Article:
Since the Malta Retirement Scheme is a foreign pension plan – and specifically that it may be held in a country outside of Malta – makes the reporting and rules surrounding the annual reporting requirements very complicated. For example, since the Malta Retirement Scheme is a foreign account for reporting purposes the account will be reported on the FBAR and Form 8938. It is not uncommon for a Malta Retirement Scheme to contain mutual funds and other PFICs, which then brings up the issue of whether the funds are reportable as PFICs. Typically, there is an exception for PFICs held in retirement plans in a treaty country — and Malta is a treaty country. But, in order to take advantage of the Malta tax benefits, sometimes the administrators of the plan may be located in a separate country and while technically the investment is a Malta retirement scheme, the plan itself may be located in a country that does not have a tax treaty with the United States, which means that typically the PFICs do have to be reported separately and then there are other issues such as excess distributions, et cetera.

Being Proactive May Help

For taxpayers who have not yet been audited or received a notice from the Department of Justice or Internal Revenue Service, they may want to consider being proactive in submitting to one of the offshore disclosure programs such as the Streamline Procedures, Delinquency Procedures, IRS Voluntary Disclosure Program (VDP) — or possibly making a reasonable cause submission.

Late Filing Penalties May be Reduced or Avoided

For Taxpayers who did not timely file their FBAR and other international information-related reporting forms, the IRS has developed many different offshore amnesty programs to assist taxpayers with safely getting into compliance. These programs may reduce or even eliminate international reporting penalties.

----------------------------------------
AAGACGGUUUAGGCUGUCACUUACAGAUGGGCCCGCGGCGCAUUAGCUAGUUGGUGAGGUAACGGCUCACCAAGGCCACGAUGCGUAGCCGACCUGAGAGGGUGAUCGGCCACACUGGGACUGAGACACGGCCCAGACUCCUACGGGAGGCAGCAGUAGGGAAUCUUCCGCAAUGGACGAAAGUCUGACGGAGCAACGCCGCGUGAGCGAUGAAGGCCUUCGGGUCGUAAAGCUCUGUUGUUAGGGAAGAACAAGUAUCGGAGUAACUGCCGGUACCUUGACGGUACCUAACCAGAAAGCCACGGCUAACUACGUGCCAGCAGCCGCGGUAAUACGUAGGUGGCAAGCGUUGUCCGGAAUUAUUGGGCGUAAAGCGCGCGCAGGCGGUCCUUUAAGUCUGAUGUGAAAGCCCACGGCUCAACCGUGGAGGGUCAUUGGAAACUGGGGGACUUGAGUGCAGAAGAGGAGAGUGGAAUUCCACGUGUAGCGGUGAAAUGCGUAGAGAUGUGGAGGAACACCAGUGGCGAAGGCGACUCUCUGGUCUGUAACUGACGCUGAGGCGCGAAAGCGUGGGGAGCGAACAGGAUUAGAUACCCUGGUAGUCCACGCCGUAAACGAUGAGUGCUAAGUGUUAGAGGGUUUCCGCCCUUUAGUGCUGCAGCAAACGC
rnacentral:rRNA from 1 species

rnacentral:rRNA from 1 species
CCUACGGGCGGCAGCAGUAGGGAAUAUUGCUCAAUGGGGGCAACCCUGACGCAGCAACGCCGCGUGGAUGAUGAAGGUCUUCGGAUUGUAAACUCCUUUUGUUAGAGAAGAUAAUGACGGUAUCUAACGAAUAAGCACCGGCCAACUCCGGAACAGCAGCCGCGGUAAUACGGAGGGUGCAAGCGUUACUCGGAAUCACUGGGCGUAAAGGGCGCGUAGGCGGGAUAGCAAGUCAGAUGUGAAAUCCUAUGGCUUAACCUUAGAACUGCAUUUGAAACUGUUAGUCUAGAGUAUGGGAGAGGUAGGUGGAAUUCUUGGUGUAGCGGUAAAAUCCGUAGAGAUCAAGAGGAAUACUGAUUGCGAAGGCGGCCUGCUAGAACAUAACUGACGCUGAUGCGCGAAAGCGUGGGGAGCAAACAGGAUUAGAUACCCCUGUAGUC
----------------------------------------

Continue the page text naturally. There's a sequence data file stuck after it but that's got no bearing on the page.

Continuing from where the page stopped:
Current Year vs Prior Year Non-Compliance

Once a taxpayer missed the tax and reporting (such as FBAR and FATCA) requirements for prior years, they will want to be careful before submitting their information to the IRS in the current year. That is because they may risk making a quiet disclosure if they just begin filing forward in the current year and/or mass filing previous year forms without doing so under one of the approved IRS offshore submission procedures. Before filing prior untimely foreign reporting forms, taxpayers should consider speaking with a Board-Certified Tax Law Specialist who specializes exclusively in these types of offshore disclosure matters.

Avoid False Offshore Disclosure Submissions (Willful vs Non-Willful)

In recent years, the IRS has increased the level of scrutiny for certain streamlined procedure submissions. When a person is non-willful, they have an excellent chance of making a successful submission to Streamlined Procedures. If they are willful, they would submit to the IRS Voluntary Disclosure Program instead. But, if a willful Taxpayer submits an intentionally false narrative under the Streamlined Procedures (and gets caught), they may become subject to significant fines and penalties

Need Help Finding an Experienced Offshore Tax Attorney?

When it comes to hiring an experienced international tax attorney to represent you for unreported foreign and offshore account reporting, it can become overwhelming for taxpayers trying to trek through all the false information and nonsense they will find in their online research. There are only a handful of attorneys worldwide who are Board-Certified Tax Specialists and who specialize exclusively in offshore disclosure and international tax amnesty reporting. 

Golding & Golding: About Our International Tax Law Firm

Golding & Golding specializes exclusively in international tax, specifically IRS offshore disclosure Contact our firm today for assistance.